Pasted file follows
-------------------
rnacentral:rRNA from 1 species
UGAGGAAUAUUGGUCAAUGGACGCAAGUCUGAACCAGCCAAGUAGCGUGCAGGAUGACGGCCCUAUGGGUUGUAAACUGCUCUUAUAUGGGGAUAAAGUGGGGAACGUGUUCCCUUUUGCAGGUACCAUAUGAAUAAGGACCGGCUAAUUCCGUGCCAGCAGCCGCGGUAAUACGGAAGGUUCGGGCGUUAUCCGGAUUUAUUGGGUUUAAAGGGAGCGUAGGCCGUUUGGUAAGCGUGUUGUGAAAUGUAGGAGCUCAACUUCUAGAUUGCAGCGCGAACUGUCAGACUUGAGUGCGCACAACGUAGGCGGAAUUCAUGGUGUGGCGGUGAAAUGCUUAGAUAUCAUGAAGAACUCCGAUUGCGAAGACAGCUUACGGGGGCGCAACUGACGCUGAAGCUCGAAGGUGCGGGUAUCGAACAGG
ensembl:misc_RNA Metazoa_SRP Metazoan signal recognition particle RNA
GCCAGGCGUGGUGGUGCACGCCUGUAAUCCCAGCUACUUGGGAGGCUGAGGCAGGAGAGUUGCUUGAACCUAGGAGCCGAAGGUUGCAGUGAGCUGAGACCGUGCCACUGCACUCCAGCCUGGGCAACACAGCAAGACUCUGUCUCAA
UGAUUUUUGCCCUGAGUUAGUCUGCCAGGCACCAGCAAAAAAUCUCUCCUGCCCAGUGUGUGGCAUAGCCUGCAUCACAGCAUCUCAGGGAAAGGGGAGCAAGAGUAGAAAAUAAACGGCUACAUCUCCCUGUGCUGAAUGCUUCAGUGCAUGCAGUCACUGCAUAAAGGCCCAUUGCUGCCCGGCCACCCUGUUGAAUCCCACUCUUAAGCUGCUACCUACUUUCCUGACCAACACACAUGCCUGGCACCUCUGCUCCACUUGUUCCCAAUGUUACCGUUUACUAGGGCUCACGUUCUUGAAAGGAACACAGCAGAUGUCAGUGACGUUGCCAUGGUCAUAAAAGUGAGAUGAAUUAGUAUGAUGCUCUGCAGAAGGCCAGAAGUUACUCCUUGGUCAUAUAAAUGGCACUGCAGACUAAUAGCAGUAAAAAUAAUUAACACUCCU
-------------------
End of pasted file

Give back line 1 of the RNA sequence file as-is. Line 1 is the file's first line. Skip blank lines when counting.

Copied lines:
rnacentral:rRNA from 1 species